One may – or may not – be surprised to know that despite being a part of the superversive team, I have a reputation in my family as a curmudgeon. In “real life”, distinct from my writing here and other places, I am quite cynical. I tend to believe that bad news is far more likely than good; as a Catholic, like Tolkien, I believe we’re in for the long defeat.
It was my sister who posed the question to me. I don’t remember the context, but I was complaining about something or other when she looked at me and said “Why are you even part of Superversive SF, anyway”?
It’s a great question, and the answer is somewhat personal. You see, I have a secret.
A BIG secret. It’s one I really don’t like to admit out loud. But here it is:
I’m not really a cynic. I’m actually a romantic. Deep down, I believe in true love, happy endings, heroism, and miracles. Or rather, I want to believe in them. I want desperately to believe they’re true.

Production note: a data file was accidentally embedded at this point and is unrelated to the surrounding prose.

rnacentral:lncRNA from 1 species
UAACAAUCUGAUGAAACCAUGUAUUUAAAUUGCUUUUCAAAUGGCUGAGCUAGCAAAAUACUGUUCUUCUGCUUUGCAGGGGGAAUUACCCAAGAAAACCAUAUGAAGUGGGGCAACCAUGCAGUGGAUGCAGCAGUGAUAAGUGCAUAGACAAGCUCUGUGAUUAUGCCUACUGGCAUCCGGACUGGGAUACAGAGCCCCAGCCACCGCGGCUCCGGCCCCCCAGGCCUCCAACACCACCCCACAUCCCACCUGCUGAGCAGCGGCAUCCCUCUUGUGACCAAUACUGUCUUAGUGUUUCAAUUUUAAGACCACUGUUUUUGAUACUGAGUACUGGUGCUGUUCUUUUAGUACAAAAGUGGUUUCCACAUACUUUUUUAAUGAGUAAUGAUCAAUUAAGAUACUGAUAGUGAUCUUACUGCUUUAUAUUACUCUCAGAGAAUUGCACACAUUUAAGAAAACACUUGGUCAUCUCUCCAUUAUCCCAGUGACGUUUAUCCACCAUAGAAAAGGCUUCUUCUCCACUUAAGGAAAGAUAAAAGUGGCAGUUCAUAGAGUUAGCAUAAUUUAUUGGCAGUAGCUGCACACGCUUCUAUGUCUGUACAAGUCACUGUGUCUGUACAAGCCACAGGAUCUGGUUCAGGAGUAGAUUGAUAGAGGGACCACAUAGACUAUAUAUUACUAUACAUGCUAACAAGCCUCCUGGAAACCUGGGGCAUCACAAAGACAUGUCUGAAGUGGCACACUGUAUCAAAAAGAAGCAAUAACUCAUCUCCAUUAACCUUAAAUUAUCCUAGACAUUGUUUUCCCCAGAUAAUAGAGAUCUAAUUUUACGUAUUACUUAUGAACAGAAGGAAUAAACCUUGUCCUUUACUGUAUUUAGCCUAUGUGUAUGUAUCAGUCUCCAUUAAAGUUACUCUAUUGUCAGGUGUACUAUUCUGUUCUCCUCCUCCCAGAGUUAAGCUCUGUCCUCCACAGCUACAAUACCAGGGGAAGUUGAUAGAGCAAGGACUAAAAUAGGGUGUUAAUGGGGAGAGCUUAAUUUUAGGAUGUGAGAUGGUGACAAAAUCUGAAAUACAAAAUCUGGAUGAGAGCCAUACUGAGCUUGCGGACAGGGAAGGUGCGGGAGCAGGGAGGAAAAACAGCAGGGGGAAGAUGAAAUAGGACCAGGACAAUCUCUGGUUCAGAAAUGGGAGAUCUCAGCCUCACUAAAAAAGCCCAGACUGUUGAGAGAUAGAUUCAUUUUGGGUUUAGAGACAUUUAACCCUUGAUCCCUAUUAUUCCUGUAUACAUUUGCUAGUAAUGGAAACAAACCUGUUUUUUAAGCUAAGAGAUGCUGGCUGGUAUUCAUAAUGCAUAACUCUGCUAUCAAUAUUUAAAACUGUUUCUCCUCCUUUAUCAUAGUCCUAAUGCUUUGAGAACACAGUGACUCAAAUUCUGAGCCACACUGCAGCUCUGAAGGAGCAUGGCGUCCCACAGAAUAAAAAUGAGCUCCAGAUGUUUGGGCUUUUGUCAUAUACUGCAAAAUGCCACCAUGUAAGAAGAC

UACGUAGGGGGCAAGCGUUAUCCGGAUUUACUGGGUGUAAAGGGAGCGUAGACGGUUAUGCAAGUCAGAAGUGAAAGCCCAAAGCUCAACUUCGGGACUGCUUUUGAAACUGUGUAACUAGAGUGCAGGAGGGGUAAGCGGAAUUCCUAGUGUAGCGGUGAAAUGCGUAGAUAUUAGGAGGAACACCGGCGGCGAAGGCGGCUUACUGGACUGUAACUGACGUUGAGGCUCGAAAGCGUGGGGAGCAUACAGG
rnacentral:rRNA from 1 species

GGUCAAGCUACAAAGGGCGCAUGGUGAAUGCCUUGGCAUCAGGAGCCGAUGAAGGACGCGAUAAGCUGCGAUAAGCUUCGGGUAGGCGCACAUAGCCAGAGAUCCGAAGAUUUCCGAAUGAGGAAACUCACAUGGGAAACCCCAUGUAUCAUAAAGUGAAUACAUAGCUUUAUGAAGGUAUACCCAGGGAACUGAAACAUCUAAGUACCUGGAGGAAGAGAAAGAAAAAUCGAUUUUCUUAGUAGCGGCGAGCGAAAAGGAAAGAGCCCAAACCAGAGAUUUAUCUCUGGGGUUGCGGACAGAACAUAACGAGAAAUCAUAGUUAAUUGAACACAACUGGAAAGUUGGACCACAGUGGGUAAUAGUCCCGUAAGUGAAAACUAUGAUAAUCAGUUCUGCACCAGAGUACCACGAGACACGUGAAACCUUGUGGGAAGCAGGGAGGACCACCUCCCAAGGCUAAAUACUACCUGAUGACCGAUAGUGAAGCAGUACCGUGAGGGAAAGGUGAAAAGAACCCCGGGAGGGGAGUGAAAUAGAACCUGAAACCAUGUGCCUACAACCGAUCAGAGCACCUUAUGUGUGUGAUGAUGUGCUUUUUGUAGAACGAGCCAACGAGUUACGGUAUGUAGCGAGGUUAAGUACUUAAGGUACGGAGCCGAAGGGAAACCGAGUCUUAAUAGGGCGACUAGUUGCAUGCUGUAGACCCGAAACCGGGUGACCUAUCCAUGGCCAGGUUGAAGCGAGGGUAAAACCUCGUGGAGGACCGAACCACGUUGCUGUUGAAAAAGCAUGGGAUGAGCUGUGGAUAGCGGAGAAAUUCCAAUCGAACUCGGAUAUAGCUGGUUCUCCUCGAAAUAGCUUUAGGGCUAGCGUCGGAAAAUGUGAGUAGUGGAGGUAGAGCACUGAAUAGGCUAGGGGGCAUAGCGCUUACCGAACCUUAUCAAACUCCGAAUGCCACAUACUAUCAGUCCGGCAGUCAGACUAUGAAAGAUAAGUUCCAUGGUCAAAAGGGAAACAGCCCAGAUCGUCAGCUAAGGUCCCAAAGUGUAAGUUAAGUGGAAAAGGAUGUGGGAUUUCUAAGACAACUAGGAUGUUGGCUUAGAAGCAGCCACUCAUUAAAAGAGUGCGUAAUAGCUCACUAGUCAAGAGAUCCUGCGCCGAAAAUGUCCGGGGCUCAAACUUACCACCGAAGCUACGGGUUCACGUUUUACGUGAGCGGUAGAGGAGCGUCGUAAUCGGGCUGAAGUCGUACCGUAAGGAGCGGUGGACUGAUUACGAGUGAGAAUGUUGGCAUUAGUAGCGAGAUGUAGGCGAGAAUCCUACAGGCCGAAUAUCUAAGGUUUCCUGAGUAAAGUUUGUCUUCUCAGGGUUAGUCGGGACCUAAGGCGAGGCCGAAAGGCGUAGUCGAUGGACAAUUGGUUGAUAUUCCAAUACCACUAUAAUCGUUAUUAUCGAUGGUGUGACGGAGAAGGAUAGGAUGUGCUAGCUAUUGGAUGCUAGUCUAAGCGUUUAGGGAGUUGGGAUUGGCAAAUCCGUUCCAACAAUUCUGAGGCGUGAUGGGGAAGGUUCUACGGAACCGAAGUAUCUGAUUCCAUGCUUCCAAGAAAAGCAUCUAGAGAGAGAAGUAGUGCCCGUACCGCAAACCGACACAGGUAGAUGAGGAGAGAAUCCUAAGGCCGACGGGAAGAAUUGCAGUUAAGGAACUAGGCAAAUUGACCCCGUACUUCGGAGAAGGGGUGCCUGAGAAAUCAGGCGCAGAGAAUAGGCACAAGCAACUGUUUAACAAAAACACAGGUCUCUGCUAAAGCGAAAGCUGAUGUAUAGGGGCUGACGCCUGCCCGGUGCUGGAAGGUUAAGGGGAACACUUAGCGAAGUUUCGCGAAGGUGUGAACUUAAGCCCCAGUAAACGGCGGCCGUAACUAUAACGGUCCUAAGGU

Of course, out here in real life, we’re living in the enemy’s world. So those things don’t happen as often as they should. But they DO happen…and more importantly, they SHOULD happen. And I don’t mean that in a pathetic way, either, like it’s a fool’s dream and I’m just not willing to face reality. I mean that the world was literally created to be better than this.
And I think that in fiction, the most powerful stories are the ones that recognize we live in this horrible, messed up, dangerous world…and that we’re destined for something better. That humanity can be better. That yes, things suck, but we have the ability to rise up and change – to live for something greater than ourselves.
And that’s the heart of superversive SF, right? That we’re out here hoping and praying and living and dying not for ourselves, but for something higher and better than us.
In a world that is often terrible and depressing we need to be reminded sometimes that there’s hope. We need to remember that hope is just as real and just as important – maybe even more important – than all of those terrible things, and that we fools who strive to be better do not strive in vain.
And we go back around again to square one. Why am I, a cynical curmudgeon who complains about things all the time and picks petty fights with people for no good reason, a member of the superversive fiction movement?
Maybe it’s because guys like me need superversion most of all.